As I prepare The Beast for its web release, I’ve been looking for a way to make the standard Blender render look a bit more film-like through the compositor. I came across a great method using Photoshop that was devised for making digital stills appear more like their film-based counterparts. I prepped a couple of frames directly in Photoshop, and it gave a nice effect. Unfortunately, Blender’s compositor was lacking one very important Blender method: Soft Light. A little Google-fu turned up the proper equations and a little poking around in the sources and begging on irc turned up the proper portion of the code with which to fiddle.
Soft Light is a blend method that is particularly suited to colorizing and grading images. It has other uses (balancing luminosity, for example), but I’ve mostly used it for tinting in my career as a Photoshop professional. The “film look” procedure called for heavy use of this blend method, and I found that there was no decent way to simulate it in the compositor. So, a little work and it was done. Pictures are below the fold…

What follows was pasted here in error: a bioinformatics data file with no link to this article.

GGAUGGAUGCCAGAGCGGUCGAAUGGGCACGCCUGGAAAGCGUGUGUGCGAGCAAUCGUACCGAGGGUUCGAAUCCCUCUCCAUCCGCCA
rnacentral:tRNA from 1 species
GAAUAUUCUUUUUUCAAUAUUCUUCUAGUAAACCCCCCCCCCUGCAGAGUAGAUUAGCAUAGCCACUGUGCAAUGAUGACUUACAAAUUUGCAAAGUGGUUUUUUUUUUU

Patch in the tracker:
Here’s a raw frame from The Beast (click for 720p HD):
Here is that same frame colorized by blending a solid RGB blue (in the first) and orange (in the second) into the image with a Soft Light mix node (once again, click for 720p HD):
Other blend methods tend to ruin the existing color. Soft Light does a great job of retaining the look of the original while tinting it. If you’re considering any serious color grading with the compositor, a Soft Light blend will be give more natural looking results than pulling curves.
And now, consider this node network:
This takes the RGB image and tone-maps it so that shadows are purple and highlights are orange. Blended back into the original image with a Soft Light mix node, the result is this really cool color graded image:
And finally, another raw frame from The Beast, followed by the more filmish effect I’ve been experimenting with. Note that, as complex as it is already, this effect really wouldn’t be possible without the convenience and natural color blending ability of Soft Light.
If you didn’t click for HD on the earlier ones, you should really click on these two. The difference is substantial.
Okay — the odds are the none of you have been clamoring for a Soft Light mix type, but hopefully this little set of samples may have awakened you to its super useful… um… usefulness. So, if you think this is cool, you could do worse than bug someone to make a build with the patch, give it a shot, and post your artwork.
Next on my list (tomorrow if I get time), is to add the Linear Light blend type. That’s a necessary pre-requisite for a true High Pass filter group in the compositor, which I’m sure lots of people would find useful (high pass is an image, inverted and blurred, then recombined with Linear Light at 50%).